Magic Shifts(Kate Daniels,book 8)(40) by Ilona Andrews
I sprinted along the terrace to the stairs. A titan-sized hand reached to the bottom from above, fingers spread to grab, like a dragon’s mouth, and came up short. The thick fingers raked the air.
Juke shot out of her hiding spot, raised her bow, and fired. The arrow streaked through the air and bit just under the giant’s left eyelid. Juke darted back. The giant lashed out, trying to backhand the terrace where she hid.
Ken clapped his hands together. A torrent of yellow steam shot out from between his hands. The giant jerked his hand up to cover his face. The steam hit his palm. Blisters swelled under his skin, rupturing. An earth-shaking bellow rolled through the Guild, so loud it almost knocked me off my feet.
The stairs loomed before me. I sprinted up the staircase. The fourth floor flew by. I rounded the bend in the stairs and saw the sky above me. The giant had taken off a chunk of the fifth floor and now the last flight of stairs protruded above the building, leading nowhere.
I forced myself to slow down and walk up the last few steps. I needed to be close for this to work, and I couldn’t afford for him to slap me off that stairway.
The giant roared right in front of me, grasping at the people down below. I pulled the magic to me and spat a power word. “Aarh!” Stop.
The magic tore through me like an inferno and smashed into the giant. Instead of gripping him, my power crashed into an invisible wall, ricocheted, and slammed back into me. I tumbled back down the stairs and fell against the wall. Every bone in my body rattled in its socket. I screamed, but the agony dragged me under, robbing me of my voice. I couldn’t speak. I couldn’t think. I couldn’t move. Above me, the giant, a smudged dark shadow, kept digging in the building.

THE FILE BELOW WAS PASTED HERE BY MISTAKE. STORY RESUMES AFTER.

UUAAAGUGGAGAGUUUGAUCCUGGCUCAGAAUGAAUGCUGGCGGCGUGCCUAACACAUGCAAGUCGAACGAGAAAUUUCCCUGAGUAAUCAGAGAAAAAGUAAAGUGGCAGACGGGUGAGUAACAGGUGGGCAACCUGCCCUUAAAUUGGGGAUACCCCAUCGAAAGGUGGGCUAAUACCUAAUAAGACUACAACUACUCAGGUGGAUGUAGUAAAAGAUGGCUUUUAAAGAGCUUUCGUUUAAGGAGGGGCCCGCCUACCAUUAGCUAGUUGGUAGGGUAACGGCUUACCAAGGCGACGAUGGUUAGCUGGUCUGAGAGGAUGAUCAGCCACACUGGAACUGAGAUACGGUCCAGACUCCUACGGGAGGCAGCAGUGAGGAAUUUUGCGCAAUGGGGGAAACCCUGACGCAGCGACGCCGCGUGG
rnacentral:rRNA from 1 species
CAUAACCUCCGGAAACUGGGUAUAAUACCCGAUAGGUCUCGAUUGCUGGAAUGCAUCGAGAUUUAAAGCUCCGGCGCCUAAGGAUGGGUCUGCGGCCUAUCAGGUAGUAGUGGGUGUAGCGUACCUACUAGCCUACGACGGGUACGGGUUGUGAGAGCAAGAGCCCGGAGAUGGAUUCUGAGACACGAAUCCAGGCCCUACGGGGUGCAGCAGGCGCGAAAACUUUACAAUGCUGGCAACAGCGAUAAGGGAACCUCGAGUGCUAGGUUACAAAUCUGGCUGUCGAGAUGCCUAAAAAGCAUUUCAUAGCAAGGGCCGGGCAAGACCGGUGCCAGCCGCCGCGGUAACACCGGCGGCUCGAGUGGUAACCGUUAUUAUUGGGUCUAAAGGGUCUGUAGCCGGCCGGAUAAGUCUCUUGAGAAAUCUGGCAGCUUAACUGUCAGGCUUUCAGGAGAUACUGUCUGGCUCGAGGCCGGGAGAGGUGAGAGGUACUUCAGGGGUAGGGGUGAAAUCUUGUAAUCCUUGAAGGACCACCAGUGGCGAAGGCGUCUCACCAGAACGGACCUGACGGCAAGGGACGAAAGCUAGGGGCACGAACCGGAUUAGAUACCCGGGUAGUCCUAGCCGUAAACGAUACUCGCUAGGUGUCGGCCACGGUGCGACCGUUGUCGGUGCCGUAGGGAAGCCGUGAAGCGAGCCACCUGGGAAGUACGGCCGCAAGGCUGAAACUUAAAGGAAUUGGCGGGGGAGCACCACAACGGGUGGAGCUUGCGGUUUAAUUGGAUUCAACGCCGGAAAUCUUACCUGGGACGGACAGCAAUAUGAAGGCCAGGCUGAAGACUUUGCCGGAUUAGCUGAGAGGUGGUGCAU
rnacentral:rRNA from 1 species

It didn’t work. My power word had backfired.
Time stopped. My head swam. A vortex of pain clamped me, dark and merciless. It felt like my very being was being shaved away one thin layer at a time. Razor blades filled my mouth and throat. Dear God, it hurt. It hurt so much. My ears hurt. My hands bled. My chest refused to rise. It felt like I was dying.
I clung to life, but it hurt so much. If I let go, it would stop hurting.
Get up. I had to get up.
My legs had turned to Jell-O. It felt like my bones were broken, and my body was filled with their shards.
The giant straightened and raised his fist. A person struggled in his fingers. Black hair. Don’t be Juke . . .
The giant’s cavernous maw opened. Yellow teeth bit down.
He tossed the bottom half of the human being aside like a used tissue and reached down again.
No, you don’t.
My fury cut through the agony. I gripped it like a lifeline and forced myself to roll up to my hands and knees. I would get up. I had to get up.
Come on, legs. Straighten. An inch. Another inch.
He would not get away with this. I would make him pay. He wouldn’t kill anybody else.
The pain snapped inside me. White haze exploded in my brain and I went blind.
I concentrated on breathing. Calm. I needed to stay calm.
The haze burned off in another explosion of pain. I sheathed Sarrat and pulled out two throwing knives. Now I just had to run. Piece of cake.
I charged up the stairs. The pain tore inside me. One step, two, three . . . The last step loomed before me, the giant’s back under me as he bent over, stretching to grasp more bodies.
I jumped and plunged down, both knives out. My feet connected with the giant’s back. I slid and dug both of my blades into his flesh. Touching his skin was like opening the door to a burning stove.
The giant swung around, trying to knock me off with his hand, but I had landed almost in the dead center of his back, next to the spine. His fingers passed harmlessly below.